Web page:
SPECTRUM 2016: LEARN YOUR “ABC’S OF ADDICTION”
October should be designated National Conference Month. In the lull between the schedule adjustments of September and the days the winter holidays descend in full force, organizations everywhere seize the opportunity to promote their missions, share their dreams, and stoke enthusiasm for their causes.
Houston’s recovery community is an active part of the conference momentum. This October 28–29 (Friday–Saturday) at Westin Memorial City, the local chapter of the Texas Association of Addiction Professionals will hold its 43rd Annual Conference on Addiction Studies, aka Spectrum 2016. And Luna Recovery Services will be a proud participant.
Spectrum’s theme for this year is “The ABC’s of Addiction: Building Blocks to Recovery.” In a world where medical research and knowledge are advancing at exponential speed, addiction professionals rarely lack for up-to-date treatment options; but it can be hard discerning when the old favorites in a treatment “toolbox” have outlived their usefulness, or which new tools are adequately tested and proven. Spectrum will help attendees get solid perspective on recent changes—and, changes for the better in treatment methods equal changes for the better in individual lives. Perhaps yours.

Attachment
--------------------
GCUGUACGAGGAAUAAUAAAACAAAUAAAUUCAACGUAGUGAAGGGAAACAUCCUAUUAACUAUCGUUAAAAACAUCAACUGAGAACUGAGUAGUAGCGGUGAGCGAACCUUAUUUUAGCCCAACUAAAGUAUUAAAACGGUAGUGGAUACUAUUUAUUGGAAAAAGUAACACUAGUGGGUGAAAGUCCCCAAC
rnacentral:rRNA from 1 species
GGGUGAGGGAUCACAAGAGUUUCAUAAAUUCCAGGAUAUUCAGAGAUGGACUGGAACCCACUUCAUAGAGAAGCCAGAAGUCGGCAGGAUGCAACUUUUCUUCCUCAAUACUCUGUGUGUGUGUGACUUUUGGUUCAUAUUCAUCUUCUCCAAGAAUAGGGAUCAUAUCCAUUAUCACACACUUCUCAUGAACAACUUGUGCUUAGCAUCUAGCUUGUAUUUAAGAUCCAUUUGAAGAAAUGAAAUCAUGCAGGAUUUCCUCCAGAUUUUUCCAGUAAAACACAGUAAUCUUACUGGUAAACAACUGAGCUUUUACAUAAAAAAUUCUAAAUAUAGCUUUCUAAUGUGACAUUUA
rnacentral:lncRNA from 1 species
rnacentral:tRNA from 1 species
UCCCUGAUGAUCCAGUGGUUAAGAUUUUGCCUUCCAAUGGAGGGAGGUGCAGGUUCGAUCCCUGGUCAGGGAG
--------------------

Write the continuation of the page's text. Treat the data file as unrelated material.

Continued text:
Even if you aren’t a treatment professional—even if you never learned to spell “psychiatrist”—even if you can’t imagine addiction touching your life, the Spectrum conference is worth at least looking in on. Here’s our Top 10 list of reasons everyone should be interested, from the curious citizen to the addiction-affected family to the recovery patient to the true professional:
- Addiction issues affect users and nonusers alike, and not just through increased crime and DUI accidents. The overall economy suffers most; around $160 billion a year is wasted for reasons that can be directly connected to substance abuse. A full $100 billion of that is due to “unrealized productivity” among users whose increased illness and injury take them off the job, and whose fatigue and reduced judgment hurt their effectiveness on the job. (Contrary to popular belief, two out of three people with drug problems are employed full-time.)
- The Spectrum conference offers Houstonians a perfect opportunity to become familiar with local treatment providers—emphasis on “local.” If and when you or a loved one ever need professional addiction treatment, it will lessen all-around stress if you find that treatment closer than the next city or state.
- Being located in one of Houston’s major business areas and medical centers, the conference is easily accessible from Interstate 10 or by city bus. If you’re coming from some distance, you can even book an onsite room at the hosting Westin Hotel. “Memorial City is an excellent backdrop for this event,” notes conference chair Ellen Kirby Joe, CED of Passages for Women Residential Treatment Facility.
- There’ll be a lot more to learn than “technical stuff.” Your eyes may glaze over at the word “neuroscience,” but Spectrum 2016 includes plenty of workshop topics the layperson understands, from yoga to social issues to healthy relationships. And the workshops will include practical, everyday ideas as well as theoretical concepts.